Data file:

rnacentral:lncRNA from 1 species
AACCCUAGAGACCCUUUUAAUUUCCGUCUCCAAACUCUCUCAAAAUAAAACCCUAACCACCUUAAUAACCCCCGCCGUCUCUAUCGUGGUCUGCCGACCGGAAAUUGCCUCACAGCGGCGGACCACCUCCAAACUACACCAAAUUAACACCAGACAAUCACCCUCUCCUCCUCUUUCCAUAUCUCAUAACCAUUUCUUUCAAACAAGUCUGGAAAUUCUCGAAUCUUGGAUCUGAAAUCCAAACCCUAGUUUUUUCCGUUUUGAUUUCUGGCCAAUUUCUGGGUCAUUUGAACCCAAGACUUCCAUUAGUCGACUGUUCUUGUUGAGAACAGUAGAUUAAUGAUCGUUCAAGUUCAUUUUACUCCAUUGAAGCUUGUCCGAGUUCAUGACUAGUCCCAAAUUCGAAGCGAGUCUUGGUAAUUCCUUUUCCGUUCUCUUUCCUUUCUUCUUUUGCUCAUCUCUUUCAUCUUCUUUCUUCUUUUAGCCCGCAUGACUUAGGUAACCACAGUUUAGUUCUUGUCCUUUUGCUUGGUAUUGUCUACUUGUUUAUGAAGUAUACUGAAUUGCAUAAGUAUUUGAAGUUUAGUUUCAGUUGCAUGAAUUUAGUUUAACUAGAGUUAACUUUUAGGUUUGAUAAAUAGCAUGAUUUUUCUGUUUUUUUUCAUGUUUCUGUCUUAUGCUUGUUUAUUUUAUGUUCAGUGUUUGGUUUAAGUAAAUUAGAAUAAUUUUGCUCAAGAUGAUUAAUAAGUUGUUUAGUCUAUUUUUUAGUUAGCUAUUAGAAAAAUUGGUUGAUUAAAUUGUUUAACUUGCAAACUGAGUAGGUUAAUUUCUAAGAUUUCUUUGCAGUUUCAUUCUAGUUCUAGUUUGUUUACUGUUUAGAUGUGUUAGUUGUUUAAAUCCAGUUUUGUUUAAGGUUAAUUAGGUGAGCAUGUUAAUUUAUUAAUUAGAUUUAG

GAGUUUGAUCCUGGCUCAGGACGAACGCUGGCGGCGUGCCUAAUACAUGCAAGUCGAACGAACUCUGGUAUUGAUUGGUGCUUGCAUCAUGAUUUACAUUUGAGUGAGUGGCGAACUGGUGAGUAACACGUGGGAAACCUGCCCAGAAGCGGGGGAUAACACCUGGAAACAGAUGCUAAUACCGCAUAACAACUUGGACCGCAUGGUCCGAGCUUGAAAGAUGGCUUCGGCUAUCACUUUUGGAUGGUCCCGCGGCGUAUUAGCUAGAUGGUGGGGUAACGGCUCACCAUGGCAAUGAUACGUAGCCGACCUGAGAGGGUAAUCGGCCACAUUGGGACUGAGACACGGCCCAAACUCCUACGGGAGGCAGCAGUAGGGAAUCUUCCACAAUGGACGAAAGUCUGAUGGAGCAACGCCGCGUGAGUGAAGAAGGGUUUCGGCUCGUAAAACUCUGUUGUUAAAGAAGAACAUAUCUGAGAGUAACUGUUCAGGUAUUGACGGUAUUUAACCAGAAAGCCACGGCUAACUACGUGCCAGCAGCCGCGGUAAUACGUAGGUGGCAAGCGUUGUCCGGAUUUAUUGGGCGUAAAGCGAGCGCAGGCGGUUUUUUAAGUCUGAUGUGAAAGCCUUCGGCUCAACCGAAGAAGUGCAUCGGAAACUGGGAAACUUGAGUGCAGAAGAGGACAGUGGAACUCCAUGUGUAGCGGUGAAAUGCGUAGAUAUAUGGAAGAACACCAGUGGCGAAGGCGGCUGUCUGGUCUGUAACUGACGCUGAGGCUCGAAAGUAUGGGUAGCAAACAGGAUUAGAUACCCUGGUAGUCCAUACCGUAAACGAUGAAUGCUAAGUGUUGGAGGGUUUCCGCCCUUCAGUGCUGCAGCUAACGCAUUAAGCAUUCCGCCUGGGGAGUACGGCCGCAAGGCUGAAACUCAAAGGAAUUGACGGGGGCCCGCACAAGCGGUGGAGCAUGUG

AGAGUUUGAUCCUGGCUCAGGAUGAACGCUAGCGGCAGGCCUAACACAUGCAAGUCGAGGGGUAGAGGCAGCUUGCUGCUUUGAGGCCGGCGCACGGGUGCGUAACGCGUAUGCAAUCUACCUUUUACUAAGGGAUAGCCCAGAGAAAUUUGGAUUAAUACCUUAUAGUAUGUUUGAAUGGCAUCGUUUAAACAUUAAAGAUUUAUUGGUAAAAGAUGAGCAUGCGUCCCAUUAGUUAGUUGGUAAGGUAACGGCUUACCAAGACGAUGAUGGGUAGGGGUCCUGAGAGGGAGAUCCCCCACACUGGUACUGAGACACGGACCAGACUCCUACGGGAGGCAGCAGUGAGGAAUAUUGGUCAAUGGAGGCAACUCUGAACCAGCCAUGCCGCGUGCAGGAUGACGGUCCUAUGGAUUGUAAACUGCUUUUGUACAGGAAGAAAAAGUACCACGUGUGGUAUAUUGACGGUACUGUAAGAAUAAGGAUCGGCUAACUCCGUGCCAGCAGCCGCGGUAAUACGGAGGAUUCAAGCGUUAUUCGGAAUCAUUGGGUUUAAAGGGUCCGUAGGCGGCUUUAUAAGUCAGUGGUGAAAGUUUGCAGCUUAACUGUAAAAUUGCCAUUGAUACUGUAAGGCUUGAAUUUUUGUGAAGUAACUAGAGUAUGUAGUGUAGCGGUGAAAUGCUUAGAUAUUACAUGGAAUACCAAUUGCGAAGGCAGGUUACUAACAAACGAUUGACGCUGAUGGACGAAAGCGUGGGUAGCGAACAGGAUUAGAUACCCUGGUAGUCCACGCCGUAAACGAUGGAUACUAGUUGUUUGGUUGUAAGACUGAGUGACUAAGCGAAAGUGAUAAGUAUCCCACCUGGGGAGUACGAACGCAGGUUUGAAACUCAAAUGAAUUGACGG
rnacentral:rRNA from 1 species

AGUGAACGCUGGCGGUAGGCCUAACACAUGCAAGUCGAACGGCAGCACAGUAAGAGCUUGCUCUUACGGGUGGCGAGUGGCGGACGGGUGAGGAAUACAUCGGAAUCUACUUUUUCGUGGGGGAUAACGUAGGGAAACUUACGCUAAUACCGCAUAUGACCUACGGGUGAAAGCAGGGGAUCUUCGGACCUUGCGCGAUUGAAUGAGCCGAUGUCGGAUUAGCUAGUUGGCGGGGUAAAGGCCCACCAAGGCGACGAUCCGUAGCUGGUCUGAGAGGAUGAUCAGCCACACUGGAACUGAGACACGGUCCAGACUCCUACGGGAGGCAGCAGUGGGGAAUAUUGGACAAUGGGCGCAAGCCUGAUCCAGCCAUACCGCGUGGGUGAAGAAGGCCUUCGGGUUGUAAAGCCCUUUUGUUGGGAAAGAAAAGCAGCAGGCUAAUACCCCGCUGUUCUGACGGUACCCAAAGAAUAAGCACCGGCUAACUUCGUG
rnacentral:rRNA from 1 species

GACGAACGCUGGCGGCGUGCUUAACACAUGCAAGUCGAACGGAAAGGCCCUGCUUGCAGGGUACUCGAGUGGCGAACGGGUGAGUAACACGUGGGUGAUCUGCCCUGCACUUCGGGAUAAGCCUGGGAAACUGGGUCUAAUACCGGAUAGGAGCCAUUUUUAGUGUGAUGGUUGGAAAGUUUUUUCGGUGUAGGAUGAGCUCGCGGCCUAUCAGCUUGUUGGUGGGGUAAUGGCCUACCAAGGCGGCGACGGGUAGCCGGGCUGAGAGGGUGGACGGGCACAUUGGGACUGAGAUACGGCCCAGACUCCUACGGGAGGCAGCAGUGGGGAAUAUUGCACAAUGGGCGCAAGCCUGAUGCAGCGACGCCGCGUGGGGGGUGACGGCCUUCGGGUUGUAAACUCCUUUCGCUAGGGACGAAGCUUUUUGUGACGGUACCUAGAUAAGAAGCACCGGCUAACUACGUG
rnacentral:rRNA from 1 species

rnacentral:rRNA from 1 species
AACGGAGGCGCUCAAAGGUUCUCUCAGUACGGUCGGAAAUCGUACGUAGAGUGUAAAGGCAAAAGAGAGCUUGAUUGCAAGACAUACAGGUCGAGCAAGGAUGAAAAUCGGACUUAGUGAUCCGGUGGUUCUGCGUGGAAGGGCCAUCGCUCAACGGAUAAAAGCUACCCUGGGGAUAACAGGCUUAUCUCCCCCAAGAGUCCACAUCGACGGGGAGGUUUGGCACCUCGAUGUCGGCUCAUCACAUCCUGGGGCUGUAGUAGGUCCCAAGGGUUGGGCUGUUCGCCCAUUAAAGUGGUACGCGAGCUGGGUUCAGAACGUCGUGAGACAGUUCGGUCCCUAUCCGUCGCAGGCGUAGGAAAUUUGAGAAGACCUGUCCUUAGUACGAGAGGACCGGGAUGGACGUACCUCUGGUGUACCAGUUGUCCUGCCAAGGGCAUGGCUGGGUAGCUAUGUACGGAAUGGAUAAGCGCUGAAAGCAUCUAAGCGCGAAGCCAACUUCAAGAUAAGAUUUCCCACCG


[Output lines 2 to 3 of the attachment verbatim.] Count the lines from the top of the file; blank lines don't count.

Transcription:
AACCCUAGAGACCCUUUUAAUUUCCGUCUCCAAACUCUCUCAAAAUAAAACCCUAACCACCUUAAUAACCCCCGCCGUCUCUAUCGUGGUCUGCCGACCGGAAAUUGCCUCACAGCGGCGGACCACCUCCAAACUACACCAAAUUAACACCAGACAAUCACCCUCUCCUCCUCUUUCCAUAUCUCAUAACCAUUUCUUUCAAACAAGUCUGGAAAUUCUCGAAUCUUGGAUCUGAAAUCCAAACCCUAGUUUUUUCCGUUUUGAUUUCUGGCCAAUUUCUGGGUCAUUUGAACCCAAGACUUCCAUUAGUCGACUGUUCUUGUUGAGAACAGUAGAUUAAUGAUCGUUCAAGUUCAUUUUACUCCAUUGAAGCUUGUCCGAGUUCAUGACUAGUCCCAAAUUCGAAGCGAGUCUUGGUAAUUCCUUUUCCGUUCUCUUUCCUUUCUUCUUUUGCUCAUCUCUUUCAUCUUCUUUCUUCUUUUAGCCCGCAUGACUUAGGUAACCACAGUUUAGUUCUUGUCCUUUUGCUUGGUAUUGUCUACUUGUUUAUGAAGUAUACUGAAUUGCAUAAGUAUUUGAAGUUUAGUUUCAGUUGCAUGAAUUUAGUUUAACUAGAGUUAACUUUUAGGUUUGAUAAAUAGCAUGAUUUUUCUGUUUUUUUUCAUGUUUCUGUCUUAUGCUUGUUUAUUUUAUGUUCAGUGUUUGGUUUAAGUAAAUUAGAAUAAUUUUGCUCAAGAUGAUUAAUAAGUUGUUUAGUCUAUUUUUUAGUUAGCUAUUAGAAAAAUUGGUUGAUUAAAUUGUUUAACUUGCAAACUGAGUAGGUUAAUUUCUAAGAUUUCUUUGCAGUUUCAUUCUAGUUCUAGUUUGUUUACUGUUUAGAUGUGUUAGUUGUUUAAAUCCAGUUUUGUUUAAGGUUAAUUAGGUGAGCAUGUUAAUUUAUUAAUUAGAUUUAG

GAGUUUGAUCCUGGCUCAGGACGAACGCUGGCGGCGUGCCUAAUACAUGCAAGUCGAACGAACUCUGGUAUUGAUUGGUGCUUGCAUCAUGAUUUACAUUUGAGUGAGUGGCGAACUGGUGAGUAACACGUGGGAAACCUGCCCAGAAGCGGGGGAUAACACCUGGAAACAGAUGCUAAUACCGCAUAACAACUUGGACCGCAUGGUCCGAGCUUGAAAGAUGGCUUCGGCUAUCACUUUUGGAUGGUCCCGCGGCGUAUUAGCUAGAUGGUGGGGUAACGGCUCACCAUGGCAAUGAUACGUAGCCGACCUGAGAGGGUAAUCGGCCACAUUGGGACUGAGACACGGCCCAAACUCCUACGGGAGGCAGCAGUAGGGAAUCUUCCACAAUGGACGAAAGUCUGAUGGAGCAACGCCGCGUGAGUGAAGAAGGGUUUCGGCUCGUAAAACUCUGUUGUUAAAGAAGAACAUAUCUGAGAGUAACUGUUCAGGUAUUGACGGUAUUUAACCAGAAAGCCACGGCUAACUACGUGCCAGCAGCCGCGGUAAUACGUAGGUGGCAAGCGUUGUCCGGAUUUAUUGGGCGUAAAGCGAGCGCAGGCGGUUUUUUAAGUCUGAUGUGAAAGCCUUCGGCUCAACCGAAGAAGUGCAUCGGAAACUGGGAAACUUGAGUGCAGAAGAGGACAGUGGAACUCCAUGUGUAGCGGUGAAAUGCGUAGAUAUAUGGAAGAACACCAGUGGCGAAGGCGGCUGUCUGGUCUGUAACUGACGCUGAGGCUCGAAAGUAUGGGUAGCAAACAGGAUUAGAUACCCUGGUAGUCCAUACCGUAAACGAUGAAUGCUAAGUGUUGGAGGGUUUCCGCCCUUCAGUGCUGCAGCUAACGCAUUAAGCAUUCCGCCUGGGGAGUACGGCCGCAAGGCUGAAACUCAAAGGAAUUGACGGGGGCCCGCACAAGCGGUGGAGCAUGUG